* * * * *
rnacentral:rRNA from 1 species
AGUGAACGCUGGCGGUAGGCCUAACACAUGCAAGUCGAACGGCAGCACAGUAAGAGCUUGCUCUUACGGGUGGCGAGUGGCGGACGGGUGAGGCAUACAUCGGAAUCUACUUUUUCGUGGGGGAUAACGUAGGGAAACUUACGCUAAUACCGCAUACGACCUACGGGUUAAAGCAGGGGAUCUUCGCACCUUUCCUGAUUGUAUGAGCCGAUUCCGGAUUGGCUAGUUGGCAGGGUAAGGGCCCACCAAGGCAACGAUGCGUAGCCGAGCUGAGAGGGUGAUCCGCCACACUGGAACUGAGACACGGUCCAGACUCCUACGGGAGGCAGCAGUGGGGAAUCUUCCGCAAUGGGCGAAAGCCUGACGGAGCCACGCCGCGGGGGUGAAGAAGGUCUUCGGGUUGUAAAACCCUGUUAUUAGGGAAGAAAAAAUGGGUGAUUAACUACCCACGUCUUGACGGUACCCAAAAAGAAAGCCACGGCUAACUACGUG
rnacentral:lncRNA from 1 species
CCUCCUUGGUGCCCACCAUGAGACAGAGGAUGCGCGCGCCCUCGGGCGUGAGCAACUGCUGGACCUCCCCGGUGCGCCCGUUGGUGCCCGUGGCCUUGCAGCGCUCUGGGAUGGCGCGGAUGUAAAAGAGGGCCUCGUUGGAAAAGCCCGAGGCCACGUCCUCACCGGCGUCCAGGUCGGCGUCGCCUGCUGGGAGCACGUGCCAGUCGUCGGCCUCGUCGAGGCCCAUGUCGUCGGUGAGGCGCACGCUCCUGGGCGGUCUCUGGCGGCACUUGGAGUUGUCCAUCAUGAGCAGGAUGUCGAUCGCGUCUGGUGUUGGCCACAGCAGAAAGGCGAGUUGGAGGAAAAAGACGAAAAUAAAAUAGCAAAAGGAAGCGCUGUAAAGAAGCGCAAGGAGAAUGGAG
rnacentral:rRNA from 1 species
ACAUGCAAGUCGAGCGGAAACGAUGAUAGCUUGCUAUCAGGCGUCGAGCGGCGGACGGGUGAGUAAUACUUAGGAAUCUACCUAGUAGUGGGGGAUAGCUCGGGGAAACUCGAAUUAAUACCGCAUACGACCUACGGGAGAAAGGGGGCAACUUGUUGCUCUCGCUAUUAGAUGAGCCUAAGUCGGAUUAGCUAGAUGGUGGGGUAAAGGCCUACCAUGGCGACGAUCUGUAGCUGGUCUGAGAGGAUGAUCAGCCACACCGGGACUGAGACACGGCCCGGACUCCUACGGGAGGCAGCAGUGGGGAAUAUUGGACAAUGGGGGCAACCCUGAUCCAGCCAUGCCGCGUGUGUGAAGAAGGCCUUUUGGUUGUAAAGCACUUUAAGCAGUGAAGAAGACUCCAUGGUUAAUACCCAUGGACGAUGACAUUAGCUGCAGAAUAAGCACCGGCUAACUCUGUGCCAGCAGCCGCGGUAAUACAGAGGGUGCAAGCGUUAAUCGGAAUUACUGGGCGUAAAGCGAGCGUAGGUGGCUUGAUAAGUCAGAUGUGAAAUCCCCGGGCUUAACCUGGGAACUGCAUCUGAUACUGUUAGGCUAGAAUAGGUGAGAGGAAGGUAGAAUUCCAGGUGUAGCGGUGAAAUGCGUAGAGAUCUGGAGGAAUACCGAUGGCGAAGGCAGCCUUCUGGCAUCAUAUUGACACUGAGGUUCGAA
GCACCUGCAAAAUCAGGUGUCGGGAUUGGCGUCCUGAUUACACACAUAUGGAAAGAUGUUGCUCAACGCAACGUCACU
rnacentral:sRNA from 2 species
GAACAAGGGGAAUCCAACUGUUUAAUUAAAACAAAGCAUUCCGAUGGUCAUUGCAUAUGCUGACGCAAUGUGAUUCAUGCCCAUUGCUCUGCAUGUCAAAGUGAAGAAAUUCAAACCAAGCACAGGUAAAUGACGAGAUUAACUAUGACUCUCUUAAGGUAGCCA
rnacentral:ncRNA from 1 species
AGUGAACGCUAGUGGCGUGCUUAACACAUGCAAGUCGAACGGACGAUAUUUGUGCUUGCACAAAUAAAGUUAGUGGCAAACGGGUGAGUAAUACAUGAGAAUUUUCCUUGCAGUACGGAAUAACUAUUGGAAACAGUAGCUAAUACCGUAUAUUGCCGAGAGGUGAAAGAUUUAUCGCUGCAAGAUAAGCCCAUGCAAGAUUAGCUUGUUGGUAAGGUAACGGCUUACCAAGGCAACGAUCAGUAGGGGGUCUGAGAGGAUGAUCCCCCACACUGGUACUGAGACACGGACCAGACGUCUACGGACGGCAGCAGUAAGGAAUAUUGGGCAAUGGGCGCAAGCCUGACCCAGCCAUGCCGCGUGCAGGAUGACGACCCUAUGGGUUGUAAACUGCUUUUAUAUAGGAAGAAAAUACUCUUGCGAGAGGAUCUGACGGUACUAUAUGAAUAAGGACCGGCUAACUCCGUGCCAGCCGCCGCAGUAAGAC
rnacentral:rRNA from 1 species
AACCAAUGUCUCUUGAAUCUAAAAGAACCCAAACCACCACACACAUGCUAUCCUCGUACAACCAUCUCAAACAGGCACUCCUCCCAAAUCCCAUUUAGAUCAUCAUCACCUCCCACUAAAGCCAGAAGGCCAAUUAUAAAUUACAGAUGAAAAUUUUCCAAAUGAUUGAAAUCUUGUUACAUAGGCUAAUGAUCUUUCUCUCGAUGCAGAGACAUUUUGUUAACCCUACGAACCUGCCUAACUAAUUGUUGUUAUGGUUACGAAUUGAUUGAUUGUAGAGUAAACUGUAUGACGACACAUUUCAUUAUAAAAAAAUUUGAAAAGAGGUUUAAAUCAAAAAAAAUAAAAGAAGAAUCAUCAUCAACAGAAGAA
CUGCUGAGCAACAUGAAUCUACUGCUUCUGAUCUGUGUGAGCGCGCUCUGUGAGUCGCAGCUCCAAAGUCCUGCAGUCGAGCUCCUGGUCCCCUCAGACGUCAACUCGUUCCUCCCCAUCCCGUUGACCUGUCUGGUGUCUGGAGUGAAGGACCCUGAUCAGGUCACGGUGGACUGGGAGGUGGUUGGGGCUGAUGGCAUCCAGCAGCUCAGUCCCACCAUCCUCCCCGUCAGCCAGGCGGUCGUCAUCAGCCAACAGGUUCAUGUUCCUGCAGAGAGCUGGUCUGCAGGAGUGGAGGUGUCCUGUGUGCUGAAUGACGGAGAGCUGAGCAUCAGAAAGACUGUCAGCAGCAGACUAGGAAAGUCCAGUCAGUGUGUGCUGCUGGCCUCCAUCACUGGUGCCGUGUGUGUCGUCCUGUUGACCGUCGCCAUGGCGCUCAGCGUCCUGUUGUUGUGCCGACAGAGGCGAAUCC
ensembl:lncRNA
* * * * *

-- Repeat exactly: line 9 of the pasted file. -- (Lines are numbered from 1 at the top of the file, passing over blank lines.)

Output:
GAACAAGGGGAAUCCAACUGUUUAAUUAAAACAAAGCAUUCCGAUGGUCAUUGCAUAUGCUGACGCAAUGUGAUUCAUGCCCAUUGCUCUGCAUGUCAAAGUGAAGAAAUUCAAACCAAGCACAGGUAAAUGACGAGAUUAACUAUGACUCUCUUAAGGUAGCCA